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Intolerable Uncertainty

(WARNING: The following is dark, contains profanity, and you may not want to read it)

Last night I gazed too long into the abyss, and before I knew it, the abyss had taken my hand, and we were going on a tour of all of the bad shit that was going to happen in the next few months.

For about two hours before bed, while watching TV I wasn’t really watching, against my own advice from my last blog post, I surfed news stories on my iPad, going from one to the next, basically asking the same question, “How long will this last?”

My mind has been telling me, “Your business will not survive this. You’re fine right now, but what about tomorrow? You just cancelled a trade show and a business trip, what about the next trip, what if my clients go out of business, what if this art thing I’ve worked on for the past 20 years just vanishes like a fart in the wind, where am I going to work when this is over, ….what if, what if, what if…”

I’ve slept on the couch two or three nights a week the past month, so I didn’t toss and turn and keep Shonna up. No reason for both of us to lay awake wrestling demons. Then I read something that says if you’re not sleeping, it’s even worse for your mental and physical health because it compromises your immune system.

Well, thanks. That makes me nod off with dreams of kittens and rainbows, now doesn’t it?

As mentioned in a recent post, catastrophizing is one of my worst bad habits, and this virus has opened the flood gates of despair, as I’m sure it has for many. This post pretty much contradicts the slightly more optimistic tone of the other, because as we’re all learning, this situation changes by the minute.

Now with what should be more time to do anything I want to do, paint, write, draw cartoons, everything takes a lot longer because I get distracted by a news story, news alert, phone call and then down the rabbit hole I go.

A cartoon I drew yesterday that should have taken a couple of hours to draw took about five, because, in the middle of that, I had several newspapers from one chain tell me they were shutting down for the month of April, possibly May. That’s in addition to the half dozen that did so at the end of last week.

We’re bombarded by stats and articles telling us how bad this is going to get, and projections that tell us we’re in this lock-down until the end of April FOR SURE…no wait, MAY…no wait…JULY…no wait…FOR THE REST OF OUR LIVES.

Logically, I know that the majority of these articles, blog posts, science journals, pseudo-science journals are all just spewing information so that they have something to post, and that 95% of it is conjecture, but I seek out the worst ones. It’s a desperate search for anything I can control. If I can deal with the worst-case scenario, then I can deal with anything better than that. But it means reading a lot of bad shit.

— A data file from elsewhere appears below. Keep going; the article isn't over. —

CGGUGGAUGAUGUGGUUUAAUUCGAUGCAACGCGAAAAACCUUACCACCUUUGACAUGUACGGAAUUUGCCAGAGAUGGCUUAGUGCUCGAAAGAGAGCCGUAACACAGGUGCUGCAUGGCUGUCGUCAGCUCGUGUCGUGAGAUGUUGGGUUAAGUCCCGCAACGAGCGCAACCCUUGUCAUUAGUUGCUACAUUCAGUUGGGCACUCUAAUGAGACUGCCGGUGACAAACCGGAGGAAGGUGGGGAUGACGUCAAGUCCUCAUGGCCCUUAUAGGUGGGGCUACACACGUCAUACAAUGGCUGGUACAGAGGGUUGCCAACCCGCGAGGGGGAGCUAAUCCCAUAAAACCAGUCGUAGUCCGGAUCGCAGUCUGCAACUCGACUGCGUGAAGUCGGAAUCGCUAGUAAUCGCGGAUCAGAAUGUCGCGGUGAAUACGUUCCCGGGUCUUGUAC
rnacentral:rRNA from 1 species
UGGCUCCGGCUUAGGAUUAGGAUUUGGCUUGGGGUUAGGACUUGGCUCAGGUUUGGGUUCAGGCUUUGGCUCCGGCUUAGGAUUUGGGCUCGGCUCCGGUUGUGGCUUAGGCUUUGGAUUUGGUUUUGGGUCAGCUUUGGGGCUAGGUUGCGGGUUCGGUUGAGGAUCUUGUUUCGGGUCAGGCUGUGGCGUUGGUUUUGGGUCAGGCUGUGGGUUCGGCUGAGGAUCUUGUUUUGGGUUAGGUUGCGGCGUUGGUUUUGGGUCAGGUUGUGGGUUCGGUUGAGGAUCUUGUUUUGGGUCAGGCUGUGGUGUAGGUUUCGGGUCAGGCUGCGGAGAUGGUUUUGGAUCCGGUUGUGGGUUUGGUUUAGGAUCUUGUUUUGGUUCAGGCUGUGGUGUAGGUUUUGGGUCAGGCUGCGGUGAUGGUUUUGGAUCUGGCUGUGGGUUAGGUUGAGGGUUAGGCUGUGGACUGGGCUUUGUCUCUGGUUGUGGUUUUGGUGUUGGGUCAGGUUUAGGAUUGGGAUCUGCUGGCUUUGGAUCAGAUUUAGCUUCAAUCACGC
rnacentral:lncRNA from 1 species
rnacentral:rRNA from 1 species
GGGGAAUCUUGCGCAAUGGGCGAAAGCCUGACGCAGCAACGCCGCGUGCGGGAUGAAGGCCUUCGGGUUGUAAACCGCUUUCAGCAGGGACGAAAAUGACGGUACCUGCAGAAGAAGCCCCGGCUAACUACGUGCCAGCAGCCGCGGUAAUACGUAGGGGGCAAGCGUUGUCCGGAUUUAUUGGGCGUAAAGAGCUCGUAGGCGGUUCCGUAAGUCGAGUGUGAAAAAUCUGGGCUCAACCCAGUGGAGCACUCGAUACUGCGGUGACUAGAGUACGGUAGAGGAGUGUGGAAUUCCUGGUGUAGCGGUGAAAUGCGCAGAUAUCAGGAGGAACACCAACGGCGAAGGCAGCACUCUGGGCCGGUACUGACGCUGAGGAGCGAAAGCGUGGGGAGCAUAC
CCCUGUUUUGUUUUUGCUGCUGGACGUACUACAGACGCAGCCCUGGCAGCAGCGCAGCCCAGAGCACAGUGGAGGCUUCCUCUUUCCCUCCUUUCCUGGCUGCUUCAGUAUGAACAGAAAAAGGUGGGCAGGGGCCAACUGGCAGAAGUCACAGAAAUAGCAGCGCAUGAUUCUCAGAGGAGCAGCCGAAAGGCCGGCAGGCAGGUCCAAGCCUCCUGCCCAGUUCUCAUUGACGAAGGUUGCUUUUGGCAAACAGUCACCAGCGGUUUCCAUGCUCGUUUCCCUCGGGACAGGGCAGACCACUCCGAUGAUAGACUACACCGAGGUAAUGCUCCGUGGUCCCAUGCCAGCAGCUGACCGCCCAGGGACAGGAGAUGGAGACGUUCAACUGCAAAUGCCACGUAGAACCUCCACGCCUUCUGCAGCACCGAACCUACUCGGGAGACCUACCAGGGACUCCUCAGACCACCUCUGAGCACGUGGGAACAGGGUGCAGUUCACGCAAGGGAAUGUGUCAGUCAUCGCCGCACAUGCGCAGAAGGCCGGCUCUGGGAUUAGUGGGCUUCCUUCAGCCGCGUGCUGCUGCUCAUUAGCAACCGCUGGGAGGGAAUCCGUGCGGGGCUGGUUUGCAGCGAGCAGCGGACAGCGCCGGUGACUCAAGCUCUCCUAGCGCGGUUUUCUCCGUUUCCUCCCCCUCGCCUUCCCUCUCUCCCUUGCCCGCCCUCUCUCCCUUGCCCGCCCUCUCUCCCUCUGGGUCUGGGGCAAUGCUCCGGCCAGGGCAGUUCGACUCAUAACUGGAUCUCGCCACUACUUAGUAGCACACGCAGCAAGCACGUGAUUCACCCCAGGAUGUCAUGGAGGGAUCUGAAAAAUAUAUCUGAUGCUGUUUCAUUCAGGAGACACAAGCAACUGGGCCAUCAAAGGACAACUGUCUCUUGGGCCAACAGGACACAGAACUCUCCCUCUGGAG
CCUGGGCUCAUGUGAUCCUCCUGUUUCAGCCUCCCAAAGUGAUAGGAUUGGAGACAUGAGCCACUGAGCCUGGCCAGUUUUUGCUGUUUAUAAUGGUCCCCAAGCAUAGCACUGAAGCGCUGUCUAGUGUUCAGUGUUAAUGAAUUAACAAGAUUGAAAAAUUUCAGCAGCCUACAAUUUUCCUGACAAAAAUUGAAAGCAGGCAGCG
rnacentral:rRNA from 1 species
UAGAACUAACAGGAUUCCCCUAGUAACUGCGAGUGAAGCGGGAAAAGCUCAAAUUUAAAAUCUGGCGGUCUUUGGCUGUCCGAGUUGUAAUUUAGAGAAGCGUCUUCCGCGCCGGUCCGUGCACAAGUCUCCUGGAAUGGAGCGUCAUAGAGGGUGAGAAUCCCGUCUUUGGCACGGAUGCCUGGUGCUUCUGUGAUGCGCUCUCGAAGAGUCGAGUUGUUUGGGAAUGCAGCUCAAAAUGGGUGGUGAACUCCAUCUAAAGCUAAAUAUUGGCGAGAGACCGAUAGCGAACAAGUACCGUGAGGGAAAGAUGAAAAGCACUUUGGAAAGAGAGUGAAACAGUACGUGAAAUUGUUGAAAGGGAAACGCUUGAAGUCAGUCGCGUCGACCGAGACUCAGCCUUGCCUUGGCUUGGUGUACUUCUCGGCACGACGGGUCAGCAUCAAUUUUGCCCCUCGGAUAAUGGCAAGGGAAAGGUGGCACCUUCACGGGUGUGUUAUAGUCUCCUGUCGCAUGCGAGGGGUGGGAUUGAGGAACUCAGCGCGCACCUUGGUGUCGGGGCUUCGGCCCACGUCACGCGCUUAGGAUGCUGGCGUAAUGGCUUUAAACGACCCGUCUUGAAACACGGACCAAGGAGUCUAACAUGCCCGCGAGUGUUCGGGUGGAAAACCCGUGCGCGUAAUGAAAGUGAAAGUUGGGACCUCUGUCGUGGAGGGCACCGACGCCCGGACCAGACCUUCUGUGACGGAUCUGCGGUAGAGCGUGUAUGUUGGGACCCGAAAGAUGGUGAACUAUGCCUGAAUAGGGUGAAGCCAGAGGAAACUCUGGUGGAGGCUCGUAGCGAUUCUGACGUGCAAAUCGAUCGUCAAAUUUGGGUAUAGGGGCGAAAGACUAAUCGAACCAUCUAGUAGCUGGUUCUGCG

It doesn’t matter that I know I’m being illogical, Spock. I’m human, which means I’m illogical, you green-blooded pointed eared Vulcan!

Anybody else notice that Dr. McCoy was racist?

The worst-case scenario almost never happens, but because I said almost, that means it could happen, so hello darkness, my old friend.

I would love to be spending my time writing, but all of the story ideas, notes, the novel I’m working on, sitting there waiting for me to put in the time, I just can’t focus. And in the time I do make to work on anything creative, it all seems like garbage because I see it through a dark negative lens.

It would be nice to come out the other side of this with a stack of new images to license and yet I’m finding it hard to paint. It doesn’t feel like this will ever end, and when it does, I’ll have lost so much that my focus will be on survival, not success.

That’s the problem with catastrophizing. It’s sticky stuff, and if you do manage to get one leg free from it, you’re in it up to your knee with the other.

At this point in the post, I’m supposed to turn this around and start saying that we’ll get through this, we‘re in it together, there are always people worse off, do your part, it’ll be over soon, take this opportunity to discover new things, when one door closes, another door opens, blah, blah, blah.

There’s a meme I thought was funny when I first saw it, but now I find it infuriating. It reads, “Your grandparents were asked to go to war. We’re being asked to sit on the couch.”

Then it ends with variations of, “Don’t screw this up,” or “We got this” or “Suck it up, Princess.”

It just feels like so much bullshit.

Shaming people into acceptance doesn’t work. All it does is tell us that who we are is unacceptable and makes us bury our feelings of despair, so we don’t make strangers feel uncomfortable. Too long on that course and you’re looking at a nervous breakdown, a heart attack or worse.

The truth is, life has always been hard, and this is hold-my-beer level hard. People need to feel their pain and chastising somebody else to cheer up does more harm than good.

I try to tell myself that many others have gone through horrific stuff and came through it, far worse than this. The people who went through the 1918 pandemic, those who endured concentration camps, devastating financial crises, health crises, 9/11, our history is replete with people surviving long odds.

For 10 million people who died in the concentration camps, I can’t imagine the hopelessness and despair, a horrific end to their lives at the hands of cruel oppressors. And despite the courage and endurance of those who survived it and lived to tell the tale, I can’t imagine there were many, lying in their hard wooden bunks, packed in like sardines, freezing all night, awaiting their fate, telling each other, “Hey, we’re all in this together, and some people have it worse, cheer up, mmmK?”

Sharing online finger-wags about what Anne Frank, John McCain, or the Chilean miners put up with while imprisoned in their own circumstance is just more online shaming. Yes, they endured, but they weren’t having a good time!